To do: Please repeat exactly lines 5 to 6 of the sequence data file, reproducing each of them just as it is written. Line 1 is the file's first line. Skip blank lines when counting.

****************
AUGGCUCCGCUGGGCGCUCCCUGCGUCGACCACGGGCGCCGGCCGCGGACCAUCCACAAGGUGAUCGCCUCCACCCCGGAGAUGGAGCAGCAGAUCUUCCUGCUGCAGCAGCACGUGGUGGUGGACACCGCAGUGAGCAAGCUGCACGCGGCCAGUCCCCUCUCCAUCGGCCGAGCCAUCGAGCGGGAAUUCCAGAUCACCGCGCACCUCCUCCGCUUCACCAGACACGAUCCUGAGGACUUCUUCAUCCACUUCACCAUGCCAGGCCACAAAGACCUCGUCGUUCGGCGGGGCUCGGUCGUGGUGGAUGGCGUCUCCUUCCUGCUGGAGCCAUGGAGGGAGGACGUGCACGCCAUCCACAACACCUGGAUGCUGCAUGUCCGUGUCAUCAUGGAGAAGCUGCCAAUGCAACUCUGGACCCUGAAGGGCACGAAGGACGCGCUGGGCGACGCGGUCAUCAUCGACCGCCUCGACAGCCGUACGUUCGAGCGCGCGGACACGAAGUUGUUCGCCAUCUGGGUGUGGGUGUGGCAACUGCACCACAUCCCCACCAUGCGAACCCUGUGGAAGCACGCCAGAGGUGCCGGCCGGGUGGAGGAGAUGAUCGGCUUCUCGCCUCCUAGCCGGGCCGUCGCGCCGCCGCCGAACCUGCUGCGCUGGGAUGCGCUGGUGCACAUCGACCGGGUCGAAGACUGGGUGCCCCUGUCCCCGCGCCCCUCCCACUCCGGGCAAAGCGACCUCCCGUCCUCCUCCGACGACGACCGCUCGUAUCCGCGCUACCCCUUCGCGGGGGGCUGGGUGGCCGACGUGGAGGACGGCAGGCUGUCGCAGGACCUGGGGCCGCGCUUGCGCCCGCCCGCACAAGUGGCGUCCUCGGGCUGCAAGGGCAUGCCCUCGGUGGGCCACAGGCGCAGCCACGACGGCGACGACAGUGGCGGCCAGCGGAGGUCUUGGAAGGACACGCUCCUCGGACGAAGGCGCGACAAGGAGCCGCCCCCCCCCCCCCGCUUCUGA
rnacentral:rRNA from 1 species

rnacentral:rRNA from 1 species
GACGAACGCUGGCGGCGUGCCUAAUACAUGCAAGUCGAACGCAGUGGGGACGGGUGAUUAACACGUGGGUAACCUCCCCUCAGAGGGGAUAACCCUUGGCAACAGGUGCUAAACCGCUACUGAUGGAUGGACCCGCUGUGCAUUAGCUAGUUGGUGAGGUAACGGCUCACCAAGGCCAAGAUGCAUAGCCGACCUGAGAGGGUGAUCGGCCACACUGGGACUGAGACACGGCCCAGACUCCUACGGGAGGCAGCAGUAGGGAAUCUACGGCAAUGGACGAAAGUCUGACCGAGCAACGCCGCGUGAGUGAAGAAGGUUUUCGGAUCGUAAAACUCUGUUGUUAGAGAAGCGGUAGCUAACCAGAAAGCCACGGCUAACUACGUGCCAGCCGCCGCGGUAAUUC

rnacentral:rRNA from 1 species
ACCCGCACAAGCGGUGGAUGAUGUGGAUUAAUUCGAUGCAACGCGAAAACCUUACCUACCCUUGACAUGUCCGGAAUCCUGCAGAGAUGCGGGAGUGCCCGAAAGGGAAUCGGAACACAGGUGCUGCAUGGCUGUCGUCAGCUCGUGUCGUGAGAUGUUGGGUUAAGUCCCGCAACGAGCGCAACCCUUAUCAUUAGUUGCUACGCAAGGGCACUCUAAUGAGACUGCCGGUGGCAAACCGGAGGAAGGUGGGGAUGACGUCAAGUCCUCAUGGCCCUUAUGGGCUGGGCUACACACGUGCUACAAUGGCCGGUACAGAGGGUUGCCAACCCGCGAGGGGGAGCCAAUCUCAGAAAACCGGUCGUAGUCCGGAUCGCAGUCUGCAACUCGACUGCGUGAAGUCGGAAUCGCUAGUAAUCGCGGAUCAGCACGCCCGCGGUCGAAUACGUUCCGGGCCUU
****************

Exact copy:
rnacentral:rRNA from 1 species
ACCCGCACAAGCGGUGGAUGAUGUGGAUUAAUUCGAUGCAACGCGAAAACCUUACCUACCCUUGACAUGUCCGGAAUCCUGCAGAGAUGCGGGAGUGCCCGAAAGGGAAUCGGAACACAGGUGCUGCAUGGCUGUCGUCAGCUCGUGUCGUGAGAUGUUGGGUUAAGUCCCGCAACGAGCGCAACCCUUAUCAUUAGUUGCUACGCAAGGGCACUCUAAUGAGACUGCCGGUGGCAAACCGGAGGAAGGUGGGGAUGACGUCAAGUCCUCAUGGCCCUUAUGGGCUGGGCUACACACGUGCUACAAUGGCCGGUACAGAGGGUUGCCAACCCGCGAGGGGGAGCCAAUCUCAGAAAACCGGUCGUAGUCCGGAUCGCAGUCUGCAACUCGACUGCGUGAAGUCGGAAUCGCUAGUAAUCGCGGAUCAGCACGCCCGCGGUCGAAUACGUUCCGGGCCUU